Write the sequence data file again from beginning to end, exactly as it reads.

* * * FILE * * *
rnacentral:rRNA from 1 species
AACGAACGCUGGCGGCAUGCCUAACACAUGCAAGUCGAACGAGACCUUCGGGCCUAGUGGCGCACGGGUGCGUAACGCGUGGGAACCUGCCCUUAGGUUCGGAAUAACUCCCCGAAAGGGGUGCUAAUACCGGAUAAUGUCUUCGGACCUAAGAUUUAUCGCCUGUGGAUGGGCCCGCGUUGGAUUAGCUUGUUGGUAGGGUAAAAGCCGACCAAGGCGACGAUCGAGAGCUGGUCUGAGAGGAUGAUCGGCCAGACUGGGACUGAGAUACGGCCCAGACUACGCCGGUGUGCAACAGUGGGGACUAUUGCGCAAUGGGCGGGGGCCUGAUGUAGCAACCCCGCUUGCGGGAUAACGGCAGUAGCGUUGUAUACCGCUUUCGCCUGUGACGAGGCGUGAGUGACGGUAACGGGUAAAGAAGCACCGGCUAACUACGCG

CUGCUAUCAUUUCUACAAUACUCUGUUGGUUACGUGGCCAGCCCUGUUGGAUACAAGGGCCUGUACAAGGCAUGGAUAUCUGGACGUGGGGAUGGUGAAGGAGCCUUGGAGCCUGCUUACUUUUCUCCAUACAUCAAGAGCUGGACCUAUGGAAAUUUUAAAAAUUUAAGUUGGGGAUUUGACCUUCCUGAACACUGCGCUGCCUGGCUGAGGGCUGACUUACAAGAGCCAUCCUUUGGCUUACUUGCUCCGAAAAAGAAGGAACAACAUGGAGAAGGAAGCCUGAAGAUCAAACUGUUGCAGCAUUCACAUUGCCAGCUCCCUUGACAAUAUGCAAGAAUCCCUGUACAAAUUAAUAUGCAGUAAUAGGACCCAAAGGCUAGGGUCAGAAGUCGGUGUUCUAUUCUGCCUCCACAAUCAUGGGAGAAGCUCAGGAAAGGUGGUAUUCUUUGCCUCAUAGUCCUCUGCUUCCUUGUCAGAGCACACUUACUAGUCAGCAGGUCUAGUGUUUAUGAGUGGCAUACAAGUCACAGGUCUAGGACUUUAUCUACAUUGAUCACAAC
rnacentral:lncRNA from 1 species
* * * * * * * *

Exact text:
rnacentral:rRNA from 1 species
AACGAACGCUGGCGGCAUGCCUAACACAUGCAAGUCGAACGAGACCUUCGGGCCUAGUGGCGCACGGGUGCGUAACGCGUGGGAACCUGCCCUUAGGUUCGGAAUAACUCCCCGAAAGGGGUGCUAAUACCGGAUAAUGUCUUCGGACCUAAGAUUUAUCGCCUGUGGAUGGGCCCGCGUUGGAUUAGCUUGUUGGUAGGGUAAAAGCCGACCAAGGCGACGAUCGAGAGCUGGUCUGAGAGGAUGAUCGGCCAGACUGGGACUGAGAUACGGCCCAGACUACGCCGGUGUGCAACAGUGGGGACUAUUGCGCAAUGGGCGGGGGCCUGAUGUAGCAACCCCGCUUGCGGGAUAACGGCAGUAGCGUUGUAUACCGCUUUCGCCUGUGACGAGGCGUGAGUGACGGUAACGGGUAAAGAAGCACCGGCUAACUACGCG

CUGCUAUCAUUUCUACAAUACUCUGUUGGUUACGUGGCCAGCCCUGUUGGAUACAAGGGCCUGUACAAGGCAUGGAUAUCUGGACGUGGGGAUGGUGAAGGAGCCUUGGAGCCUGCUUACUUUUCUCCAUACAUCAAGAGCUGGACCUAUGGAAAUUUUAAAAAUUUAAGUUGGGGAUUUGACCUUCCUGAACACUGCGCUGCCUGGCUGAGGGCUGACUUACAAGAGCCAUCCUUUGGCUUACUUGCUCCGAAAAAGAAGGAACAACAUGGAGAAGGAAGCCUGAAGAUCAAACUGUUGCAGCAUUCACAUUGCCAGCUCCCUUGACAAUAUGCAAGAAUCCCUGUACAAAUUAAUAUGCAGUAAUAGGACCCAAAGGCUAGGGUCAGAAGUCGGUGUUCUAUUCUGCCUCCACAAUCAUGGGAGAAGCUCAGGAAAGGUGGUAUUCUUUGCCUCAUAGUCCUCUGCUUCCUUGUCAGAGCACACUUACUAGUCAGCAGGUCUAGUGUUUAUGAGUGGCAUACAAGUCACAGGUCUAGGACUUUAUCUACAUUGAUCACAAC
rnacentral:lncRNA from 1 species